Jump to content

Pentester - what are your thoughts?


dre2007
 Share

Recommended Posts

Hello everyone

I recently purchased the pineapple nano because I think it can be good for a pentester.
In August 2015 I became CEH certified and I did a lot of research of what a good pentester would be.

However, just as with everything else, a community always has other intresting thoughts so for this reason I reach out to you.

My question to you all is, what is your ultimate goal with the pineapple?

Is it hacking wifi, deassociate wifi clients, etc..

I am really curiouse of your goals and interests.

Please post your interests, thanks :)

Link to comment
Share on other sites

As a pentester myself for a financial organization. We have used the pineapple to prove how susceptible our own internal devices were to a simple MITM attack. This helped us to get changes made at the desktop level in order to help prevent this. It also showed out network engineers we could set up "rouge" access points in the environment. We know have measures in place to detect these "rogue" access points and send de-auths against them when detected.

It can also come in handy to see what devices are calling out to so you can replicate this SSID and perform MITM type attacks.

Link to comment
Share on other sites

Hi Korang,

Your answer is simple but very interesting.

I am often overthinking the use of a pineapple but you made a valid point as to prove the MITM attack in organizations, I think I will setup a case like this :)

If anyone else has some good experience please share :)

Link to comment
Share on other sites

I use mine mostly for wardriving/walking/biking, (I'm just a first year student who's only taken Porgramming I, Hardware, OSes, and Networking I. My chances of getting a real job that would make use of a pineapple are pretty slim for now.)

Sure I could use my phone, but I also want to have a battery that lasts more then an hour.

Edited by Fallen Archangel
Link to comment
Share on other sites

I use it to play pranks on my wife, friends, and guests to my house. Rick rolling, etc.

Inside my house, the airwaves belong to ME!

Kidding aside, I've used the pineapples for calculating historical travel times of vehicles on major interstates for road construction projects. It's not pen testing related, but it works like a charm and is much better than paying $2-5k+ for purpose-built hardware to do the exact same thing. I built up two pineapples that do this in about a days time and saved my company thousands of dollars. Nice bonus for telot that year, thanks to the Pineapple.

telot

Edited by telot
Link to comment
Share on other sites

I've used the pineapples for calculating historical travel times of vehicles on major interstates for road construction projects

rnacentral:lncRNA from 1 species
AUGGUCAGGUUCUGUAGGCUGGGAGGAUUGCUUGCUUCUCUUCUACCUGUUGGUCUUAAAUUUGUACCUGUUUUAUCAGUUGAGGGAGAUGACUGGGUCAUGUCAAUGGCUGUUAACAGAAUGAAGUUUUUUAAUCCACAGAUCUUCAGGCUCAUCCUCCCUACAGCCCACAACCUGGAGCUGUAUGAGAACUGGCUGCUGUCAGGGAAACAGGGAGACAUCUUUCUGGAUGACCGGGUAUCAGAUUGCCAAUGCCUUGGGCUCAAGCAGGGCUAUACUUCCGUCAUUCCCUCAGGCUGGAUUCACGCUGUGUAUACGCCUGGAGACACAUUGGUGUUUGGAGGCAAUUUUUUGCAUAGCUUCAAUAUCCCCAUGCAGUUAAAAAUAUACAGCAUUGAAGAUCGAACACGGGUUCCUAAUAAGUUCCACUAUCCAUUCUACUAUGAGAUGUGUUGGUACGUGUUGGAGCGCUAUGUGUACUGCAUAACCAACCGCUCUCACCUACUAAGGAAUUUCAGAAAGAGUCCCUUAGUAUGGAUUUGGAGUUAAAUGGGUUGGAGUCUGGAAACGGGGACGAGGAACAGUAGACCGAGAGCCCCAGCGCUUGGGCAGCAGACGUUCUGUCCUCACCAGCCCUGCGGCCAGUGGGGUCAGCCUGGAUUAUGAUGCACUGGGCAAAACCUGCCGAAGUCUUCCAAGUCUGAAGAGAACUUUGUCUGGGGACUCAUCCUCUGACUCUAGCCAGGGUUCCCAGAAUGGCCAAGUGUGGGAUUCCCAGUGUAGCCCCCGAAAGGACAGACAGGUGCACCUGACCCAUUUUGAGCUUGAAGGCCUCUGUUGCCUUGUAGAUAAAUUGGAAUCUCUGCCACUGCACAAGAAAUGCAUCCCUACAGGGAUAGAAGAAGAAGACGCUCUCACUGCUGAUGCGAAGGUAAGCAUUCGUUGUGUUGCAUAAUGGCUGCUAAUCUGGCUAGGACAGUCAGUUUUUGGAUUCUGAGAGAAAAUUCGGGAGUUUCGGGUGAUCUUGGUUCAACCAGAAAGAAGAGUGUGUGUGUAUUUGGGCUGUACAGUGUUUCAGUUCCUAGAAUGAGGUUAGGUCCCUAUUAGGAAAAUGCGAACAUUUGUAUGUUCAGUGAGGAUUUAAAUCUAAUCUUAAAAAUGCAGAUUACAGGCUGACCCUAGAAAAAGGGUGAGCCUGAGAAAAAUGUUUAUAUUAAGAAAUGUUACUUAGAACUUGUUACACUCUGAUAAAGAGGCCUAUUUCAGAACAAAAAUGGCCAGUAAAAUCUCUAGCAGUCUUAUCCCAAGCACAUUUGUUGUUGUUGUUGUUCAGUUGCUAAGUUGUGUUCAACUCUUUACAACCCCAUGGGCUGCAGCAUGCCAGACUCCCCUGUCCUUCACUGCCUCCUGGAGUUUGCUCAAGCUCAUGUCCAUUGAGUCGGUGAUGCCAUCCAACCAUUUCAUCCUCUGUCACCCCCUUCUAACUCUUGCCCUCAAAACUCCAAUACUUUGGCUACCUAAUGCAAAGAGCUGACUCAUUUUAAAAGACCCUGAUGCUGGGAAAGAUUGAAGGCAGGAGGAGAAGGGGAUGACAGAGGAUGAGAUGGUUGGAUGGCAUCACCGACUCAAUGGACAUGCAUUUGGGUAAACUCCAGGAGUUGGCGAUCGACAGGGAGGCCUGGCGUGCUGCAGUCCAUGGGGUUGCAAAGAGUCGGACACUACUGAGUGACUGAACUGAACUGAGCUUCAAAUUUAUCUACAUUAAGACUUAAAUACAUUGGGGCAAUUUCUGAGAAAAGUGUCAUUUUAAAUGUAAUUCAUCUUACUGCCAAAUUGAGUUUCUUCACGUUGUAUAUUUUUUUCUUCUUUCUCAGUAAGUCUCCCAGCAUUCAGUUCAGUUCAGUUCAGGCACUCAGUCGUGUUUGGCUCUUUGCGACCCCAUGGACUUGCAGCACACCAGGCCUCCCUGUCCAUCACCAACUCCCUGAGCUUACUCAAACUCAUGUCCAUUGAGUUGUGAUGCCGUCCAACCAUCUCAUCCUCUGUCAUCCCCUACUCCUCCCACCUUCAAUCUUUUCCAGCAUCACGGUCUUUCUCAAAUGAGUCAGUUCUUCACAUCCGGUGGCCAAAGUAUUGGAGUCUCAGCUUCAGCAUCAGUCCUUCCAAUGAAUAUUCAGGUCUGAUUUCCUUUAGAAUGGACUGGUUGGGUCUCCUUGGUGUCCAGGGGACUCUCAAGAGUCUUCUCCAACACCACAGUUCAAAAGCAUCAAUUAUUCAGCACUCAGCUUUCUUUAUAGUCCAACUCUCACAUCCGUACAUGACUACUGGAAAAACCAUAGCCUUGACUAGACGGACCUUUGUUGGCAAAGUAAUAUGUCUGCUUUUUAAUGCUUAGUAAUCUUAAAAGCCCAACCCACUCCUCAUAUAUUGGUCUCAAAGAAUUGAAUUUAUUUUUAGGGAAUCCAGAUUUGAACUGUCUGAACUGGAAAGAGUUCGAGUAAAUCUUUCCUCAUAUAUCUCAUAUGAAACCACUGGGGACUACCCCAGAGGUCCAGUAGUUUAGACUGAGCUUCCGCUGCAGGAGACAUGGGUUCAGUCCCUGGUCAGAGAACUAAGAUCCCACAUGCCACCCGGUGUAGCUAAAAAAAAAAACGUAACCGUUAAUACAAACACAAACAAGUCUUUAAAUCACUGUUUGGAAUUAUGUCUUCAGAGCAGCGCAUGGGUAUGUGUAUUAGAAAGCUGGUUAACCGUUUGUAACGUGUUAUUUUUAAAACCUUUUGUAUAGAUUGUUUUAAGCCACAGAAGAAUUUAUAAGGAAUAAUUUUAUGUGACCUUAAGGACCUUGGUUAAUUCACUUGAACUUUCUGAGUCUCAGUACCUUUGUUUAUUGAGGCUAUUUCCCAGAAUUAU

If there is nothing barring you from releasing the information to the public I would love to see a thread on how you did this. It sounds really interesting.

Link to comment
Share on other sites

I did the whole "pineapple in a birdhouse" method...though I didn't have the benefit of having Seb's C code (which he apparently lost! I forgive you Seb, because you're too beautiful to be mad at. But DK, if you have a copy laying around somewhere, please share!). Heres a long explainer, so indulge if you want. TL;DR version: I record the macs from beacon frames and know where two pineapples are. From there I can determine travel time and avg speed of vehicles.

Some background if you care: I work in the ITS industry (Intelligent Transportation Systems - think of the big pole mounted cameras you see on the freeway and the red/yellow/green traffic data you see on google maps - a lot of that is from state-deployed permanent inductive loop sensors in the roads). I take ITS and bring it into road construction work zones. So we do travel times, queue warning systems, and traffic control performance monitoring for Departments of Transportation in order to make work zones safer for motorists and workers. One of the metrics agencies most often want to see is a mobility rating (trip reliability, Buffer Time Index, 95th percentile weighted by volume averages...in case theres any civil engineers in the audience).

One way of establishing a historical record of travel times is to have a sensor that can detect some kind of RF unique identifier from a vehicle at a known (via GPS) location and another sensor down the road a mile or more that can detect the same unique ID. If you know the time a mac address passed sensor 1 and the time it passed sensor 2 and you know the distance (again, via GPS or mile post markers) you can determine the average speed and travel time. A bunch of companies track this stuff using bluetooth, but you can only get a unique identifier from devices in DISCOVER mode. Think old-ass blackberries and shitty Tom toms, etc. Those are very popular, but as a lifelong friend of the hacking community like myself, I've dug into their internals and they are all smoke and mirrors. WIFI detectors hit the scene a couple years ago (recording mac addresses from probe requests, basically what the Jasegar portion of the pineapple says "YES!" to) and they work a lot better due to so many more targets. Targets = you with your wifi left on on your smart phone driving by. This industry is quite a small niche, so its a very low-volume sales model. They sell their sensors for ~2-5K to make up for the low volume, even though its basically an atheros chip inside with some storage and a cell modem (~$180-250 actual cost of hardware).

My company does the software side of things (reporting, data crunching, posting messages to portable message boards) so I frankly don't give two fucks about the plight of the low-volume/high margin hardware folks. I use my trusty markVs in little NEMA boxes with off the shelf cellular routers and a small solar/12V battery setup. I do a custom tcpdump to pcap on a sshfs to a VPS, then use Vivek's pcap to XML converter (which only runs on windows...WTF Vivek!?!) that I learned about from you Darren. My software pulls in the XML like we do so many other XML feeds and it goes to the database for number crunching. Easy mode.

It's not a central "core" offering of my company, but it's a nice value add. And you'll be happy to know that I (unlike all the other vendors), salt and hash the mac addresses in memory before they hit disk or the net so your privacy is (at least somewhat) protected. I also only transmit it via ssh like I mentioned - others send them in plaintext over the web. I bet I could do better on this front and I sincerely would like to, but it was a 1 day hack to throw it all together.

So yeah, I sure am sad the MarkV is EOL - because it was so ideal for this use case...but such is life. I have a lead on some old Alfa AP121U's (markIV hardware) I might use instead if another project calls for this type of data, we'll see. If you guys want specifics and code I'll provide it, because I love this community and all that I've learned from the pineapple with the help of all the regulars here on this forum. So please feel free to send me a PM if you want to know more. Cheers :)

telot

  • Upvote 5
Link to comment
Share on other sites

Telot -